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Capital Gains Tax Question

REM #LAW605

Ask the Real Estate Lawyer: Real Estate Law Q&A

By Ilyce R. Glink and Samuel J. Tamkin

Summary: Can I defer capital gains? A reader hopes to minimize his capital gains tax after selling vacant land and turns to Ilyce Glink and Samuel Tamkin for some good real estate advice.

Q: In 1992 we bought a second home, a mountain cabin, for $58,000 and have put in about $11,000 in improvements. We are currently adding on to our mountain cabin to double its size.
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In 1995 we bought a different piece of vacant land for $22,000 that is now worth over $81,000. We are going to trade this vacant piece of land to our builder plus an additional $3,000 for his work on our cabin.

Can we roll the capital gain from the sale of the vacant land into the value of the improvements on our mountain cabin and defer capital gains until we sell our mountain cabin sometime in the next 20 years?

A: The easy answer is that upon your transfer of the title to the vacant land to the builder, you will have to pay a tax. The good news is that the tax should only be a capital gains tax at a rate of no more than fifteen percent.

You generally have two choices when you sell a piece of vacant land that has appreciated in value: you can pay tax on the sale or you can defer the gain by using a certain type of trust allowed under the tax code to defer gains on the sale of property. Most people call this type of trust a “Starker Trust” or a 1031 Exchange Trust.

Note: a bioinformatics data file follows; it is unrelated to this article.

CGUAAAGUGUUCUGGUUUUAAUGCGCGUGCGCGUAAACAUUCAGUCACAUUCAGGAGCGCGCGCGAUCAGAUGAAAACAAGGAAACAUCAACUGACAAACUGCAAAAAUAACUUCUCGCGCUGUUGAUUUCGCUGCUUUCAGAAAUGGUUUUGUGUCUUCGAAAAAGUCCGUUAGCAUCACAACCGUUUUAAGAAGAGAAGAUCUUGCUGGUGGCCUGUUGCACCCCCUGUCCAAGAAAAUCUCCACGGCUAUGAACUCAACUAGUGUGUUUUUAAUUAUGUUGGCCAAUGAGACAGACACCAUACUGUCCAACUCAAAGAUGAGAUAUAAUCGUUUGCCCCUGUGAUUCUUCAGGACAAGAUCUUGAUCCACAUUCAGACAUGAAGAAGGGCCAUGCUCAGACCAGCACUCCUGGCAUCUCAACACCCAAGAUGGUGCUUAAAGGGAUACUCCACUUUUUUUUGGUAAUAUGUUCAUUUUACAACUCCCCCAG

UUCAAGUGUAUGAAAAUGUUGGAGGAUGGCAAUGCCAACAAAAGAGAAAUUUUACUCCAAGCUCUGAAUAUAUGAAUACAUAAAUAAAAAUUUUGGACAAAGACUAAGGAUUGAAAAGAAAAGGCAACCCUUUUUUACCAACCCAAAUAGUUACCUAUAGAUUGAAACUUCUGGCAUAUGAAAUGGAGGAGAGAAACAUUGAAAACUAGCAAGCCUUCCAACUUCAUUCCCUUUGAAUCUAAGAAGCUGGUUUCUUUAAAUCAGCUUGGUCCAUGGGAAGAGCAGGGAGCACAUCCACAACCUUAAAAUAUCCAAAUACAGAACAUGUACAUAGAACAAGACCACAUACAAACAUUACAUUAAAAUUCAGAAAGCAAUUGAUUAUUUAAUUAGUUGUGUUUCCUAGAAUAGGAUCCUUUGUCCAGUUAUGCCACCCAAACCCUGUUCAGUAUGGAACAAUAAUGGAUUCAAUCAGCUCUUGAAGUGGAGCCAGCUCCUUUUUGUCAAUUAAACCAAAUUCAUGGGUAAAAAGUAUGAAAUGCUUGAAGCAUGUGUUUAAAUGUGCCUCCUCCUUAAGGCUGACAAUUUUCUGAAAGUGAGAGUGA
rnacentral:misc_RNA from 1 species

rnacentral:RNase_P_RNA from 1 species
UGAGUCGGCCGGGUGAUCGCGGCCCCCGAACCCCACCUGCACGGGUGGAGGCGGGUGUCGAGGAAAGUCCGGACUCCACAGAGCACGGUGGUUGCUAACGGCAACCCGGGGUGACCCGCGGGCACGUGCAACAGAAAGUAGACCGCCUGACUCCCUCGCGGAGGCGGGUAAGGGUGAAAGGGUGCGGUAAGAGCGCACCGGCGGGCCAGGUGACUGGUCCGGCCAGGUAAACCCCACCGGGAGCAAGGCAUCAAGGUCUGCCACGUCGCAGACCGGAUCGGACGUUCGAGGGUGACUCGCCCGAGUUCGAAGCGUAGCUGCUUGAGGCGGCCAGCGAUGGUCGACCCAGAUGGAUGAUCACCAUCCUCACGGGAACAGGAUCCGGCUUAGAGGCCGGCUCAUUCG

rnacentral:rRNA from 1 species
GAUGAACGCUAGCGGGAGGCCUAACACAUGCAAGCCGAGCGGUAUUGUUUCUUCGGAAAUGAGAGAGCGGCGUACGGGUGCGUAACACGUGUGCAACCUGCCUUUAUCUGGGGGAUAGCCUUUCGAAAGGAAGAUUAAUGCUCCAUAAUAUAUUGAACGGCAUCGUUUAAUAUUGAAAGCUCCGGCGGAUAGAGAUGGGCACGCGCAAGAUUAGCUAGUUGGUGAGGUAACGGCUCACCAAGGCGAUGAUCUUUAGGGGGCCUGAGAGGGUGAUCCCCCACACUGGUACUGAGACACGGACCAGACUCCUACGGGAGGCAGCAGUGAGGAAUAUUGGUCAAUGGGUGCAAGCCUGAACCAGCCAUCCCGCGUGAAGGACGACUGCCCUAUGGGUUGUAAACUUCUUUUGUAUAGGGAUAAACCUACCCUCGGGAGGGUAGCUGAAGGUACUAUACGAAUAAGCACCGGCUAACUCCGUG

In a 1031 Exchange Trust, you sell a property and place the money from the sale in the trust until you buy a replacement property. While the rules can be complicated, the basic rule is that the replacement property must be of equal or greater value and must be done within very specific dates.

In your case, you already own the property that you want to put the funds into from the sale of the vacant land. Unfortunately, you would not be eligible for the benefits of a 1031 Exchange Trust.

You should probably talk to a good tax accountant with extensive knowledge on real estate exchanges and sales to help you work through your issues.

Samuel J. Tamkin is a Chicago-based real estate attorney. Ilyce R. Glink’s latest book is 50 Ilyce R. Glink’s latest book is The REAL U Guide to Bank Accounts and Credit Cards. If you have questions for them, write: Real Estate Matters Syndicate, PO Box 366, Glencoe, IL 60022 or contact them through Ilyce’s website www.thinkglink.com

 

 

 

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